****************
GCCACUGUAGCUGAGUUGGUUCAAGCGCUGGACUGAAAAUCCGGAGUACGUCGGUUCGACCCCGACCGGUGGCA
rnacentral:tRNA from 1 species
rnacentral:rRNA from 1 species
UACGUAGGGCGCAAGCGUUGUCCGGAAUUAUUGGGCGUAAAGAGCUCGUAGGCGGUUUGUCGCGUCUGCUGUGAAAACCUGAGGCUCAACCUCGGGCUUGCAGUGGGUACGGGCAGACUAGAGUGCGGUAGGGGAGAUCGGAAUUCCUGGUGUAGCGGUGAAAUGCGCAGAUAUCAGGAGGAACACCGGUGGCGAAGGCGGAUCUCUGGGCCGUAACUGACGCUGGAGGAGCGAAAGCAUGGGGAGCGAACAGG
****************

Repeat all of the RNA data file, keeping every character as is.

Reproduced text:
GCCACUGUAGCUGAGUUGGUUCAAGCGCUGGACUGAAAAUCCGGAGUACGUCGGUUCGACCCCGACCGGUGGCA
rnacentral:tRNA from 1 species
rnacentral:rRNA from 1 species
UACGUAGGGCGCAAGCGUUGUCCGGAAUUAUUGGGCGUAAAGAGCUCGUAGGCGGUUUGUCGCGUCUGCUGUGAAAACCUGAGGCUCAACCUCGGGCUUGCAGUGGGUACGGGCAGACUAGAGUGCGGUAGGGGAGAUCGGAAUUCCUGGUGUAGCGGUGAAAUGCGCAGAUAUCAGGAGGAACACCGGUGGCGAAGGCGGAUCUCUGGGCCGUAACUGACGCUGGAGGAGCGAAAGCAUGGGGAGCGAACAGG